Perhaps it’s just the way of the world: travelling fans are always the most fervent and make the most noise. They are the most invested in their team, otherwise they wouldn’t spend huge amounts of money getting to Australia in the first place, while family connections and links with the homeland in the other case are deep and profound. Australia, as a nation of so many immigrants, is always likely to find itself with a significant “away support” as a result.

But that still doesn’t explain why crowd noise from locals for Socceroos games seems, so often, to be muted, certainly in comparison to club support.

Australian fans, at least their active supporters, do like to organise themselves with military like precision in a large group in a strategic area of the ground where they can make the biggest impact. It’s a fashion widely adopted in continental Europe and Latin America, and highly effective it can be.

But on Tuesday it just didn’t seem to generate the right support levels. Socceroo active supporter organisers subsequently explained, in a piece on the website of the FFA’s broadcast partner, Fox Sports,  that communications problems on the night were the issue. The fans were dispersed in different areas, the drummers were set too far back and that a handful of different chants were going at the same time, diluting their effect, it was said.

That’s maybe true, but it was a not unfamiliar experience for the Socceroos.

Supporters were quick to comment on the social media platform twitter after my post.

Some tried to suggest I was simply hard of hearing. Now I am getting old, and I did listen to a lot of loud (mainly punk rock) music when I was young, but it’s not a problem yet. There were many media folk who agreed with me, and they are certainly not going deaf.

Others argued that their support for the national team is watered down  because there are a lot of “theatre goers” in the crowd, supporters who do not know how to barrack and shout at games.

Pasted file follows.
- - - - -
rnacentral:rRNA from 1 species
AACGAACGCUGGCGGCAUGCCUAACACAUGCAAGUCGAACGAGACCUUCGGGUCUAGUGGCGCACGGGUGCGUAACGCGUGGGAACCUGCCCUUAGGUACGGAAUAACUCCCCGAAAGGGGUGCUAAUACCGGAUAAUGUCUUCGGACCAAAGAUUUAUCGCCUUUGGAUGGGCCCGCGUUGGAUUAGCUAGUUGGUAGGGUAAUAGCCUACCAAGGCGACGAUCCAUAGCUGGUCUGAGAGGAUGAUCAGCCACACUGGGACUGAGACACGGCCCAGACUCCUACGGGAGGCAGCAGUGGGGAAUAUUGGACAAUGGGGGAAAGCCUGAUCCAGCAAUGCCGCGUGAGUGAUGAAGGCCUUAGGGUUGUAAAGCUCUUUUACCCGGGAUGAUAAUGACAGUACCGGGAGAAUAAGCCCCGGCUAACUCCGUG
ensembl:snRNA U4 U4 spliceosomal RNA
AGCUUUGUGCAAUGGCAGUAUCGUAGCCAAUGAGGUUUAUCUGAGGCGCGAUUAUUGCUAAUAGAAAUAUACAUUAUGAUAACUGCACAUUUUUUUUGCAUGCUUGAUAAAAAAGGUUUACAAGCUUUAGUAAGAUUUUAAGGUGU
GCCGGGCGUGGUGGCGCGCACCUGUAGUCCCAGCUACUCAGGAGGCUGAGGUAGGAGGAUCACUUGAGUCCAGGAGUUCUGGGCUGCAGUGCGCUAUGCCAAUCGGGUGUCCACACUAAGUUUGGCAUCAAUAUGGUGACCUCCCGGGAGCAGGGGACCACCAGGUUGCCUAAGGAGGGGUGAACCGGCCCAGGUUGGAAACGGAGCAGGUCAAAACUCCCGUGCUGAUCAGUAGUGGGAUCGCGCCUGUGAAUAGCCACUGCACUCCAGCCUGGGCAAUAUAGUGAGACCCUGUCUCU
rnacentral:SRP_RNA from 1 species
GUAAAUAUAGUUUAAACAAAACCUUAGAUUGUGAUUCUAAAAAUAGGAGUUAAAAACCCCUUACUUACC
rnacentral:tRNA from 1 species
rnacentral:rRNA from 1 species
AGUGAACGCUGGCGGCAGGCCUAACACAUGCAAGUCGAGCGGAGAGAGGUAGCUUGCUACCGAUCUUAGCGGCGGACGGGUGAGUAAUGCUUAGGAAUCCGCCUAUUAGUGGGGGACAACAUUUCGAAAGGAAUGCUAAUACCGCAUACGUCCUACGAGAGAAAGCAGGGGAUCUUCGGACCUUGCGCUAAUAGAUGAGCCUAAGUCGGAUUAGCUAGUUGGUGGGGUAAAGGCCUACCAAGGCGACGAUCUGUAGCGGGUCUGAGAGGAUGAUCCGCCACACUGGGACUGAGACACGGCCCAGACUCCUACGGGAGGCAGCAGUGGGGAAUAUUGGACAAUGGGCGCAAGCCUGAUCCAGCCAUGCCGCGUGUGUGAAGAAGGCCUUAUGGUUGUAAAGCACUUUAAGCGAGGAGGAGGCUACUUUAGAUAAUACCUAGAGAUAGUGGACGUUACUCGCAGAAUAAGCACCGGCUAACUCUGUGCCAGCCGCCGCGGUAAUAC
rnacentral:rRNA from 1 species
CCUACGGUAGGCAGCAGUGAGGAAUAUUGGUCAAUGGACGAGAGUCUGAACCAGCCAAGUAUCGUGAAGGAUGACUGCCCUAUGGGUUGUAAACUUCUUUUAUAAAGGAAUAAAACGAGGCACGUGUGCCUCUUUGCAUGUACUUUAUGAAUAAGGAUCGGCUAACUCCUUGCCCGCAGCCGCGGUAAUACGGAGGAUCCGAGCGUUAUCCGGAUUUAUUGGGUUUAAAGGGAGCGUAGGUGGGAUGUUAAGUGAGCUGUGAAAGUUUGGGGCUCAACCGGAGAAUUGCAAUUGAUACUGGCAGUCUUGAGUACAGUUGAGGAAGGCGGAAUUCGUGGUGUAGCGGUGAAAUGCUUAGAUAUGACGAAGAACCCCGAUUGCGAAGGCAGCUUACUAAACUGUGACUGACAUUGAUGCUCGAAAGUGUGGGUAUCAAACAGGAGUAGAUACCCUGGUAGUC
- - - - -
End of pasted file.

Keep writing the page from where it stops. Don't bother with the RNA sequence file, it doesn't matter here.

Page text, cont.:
Still more said there was simply a big disconnect between the fervency of feeling that fans had for their club teams, whom they follow week in and week out, and the national team, with whom their identification is not so great.

A handful blamed the geography of Australia. If Italy, Croatia or England play at home their countries are not so vast that supporters from all over cannot converge in Rome or Milan, Zagreb or Split, London or Manchester, to watch them.  In Australia even the most passionate Socceroo supporter would think twice about the costs involved in travelling from Brisbane to Perth (where Australia has played two World Cup qualifiers in a 12 month period).

A few also said that stringent admission policies at stadia over the past decade, the confiscation of banners and flags and the general attempts to suppress raucous active support at A-League games had taken its toll and fans could no longer be bothered to make the effort. There might be something in that. If you prevent the culture flourishing fully, then there will be an impact.

Perhaps Tuesday night was a one-off? Maybe fans will find their voice in Sydney or Brisbane, where the next set of home qualifiers are expected to be staged. Ange Postecoglou and his team will be hoping so. They wouldn’t want a late equaliser in their last game to grab a place in Russia and be looking for the crowd to get them over the line, at least not on Tuesday night’s showing, anyway.

This story Administrator ready to work first appeared on Nanjing Night Net.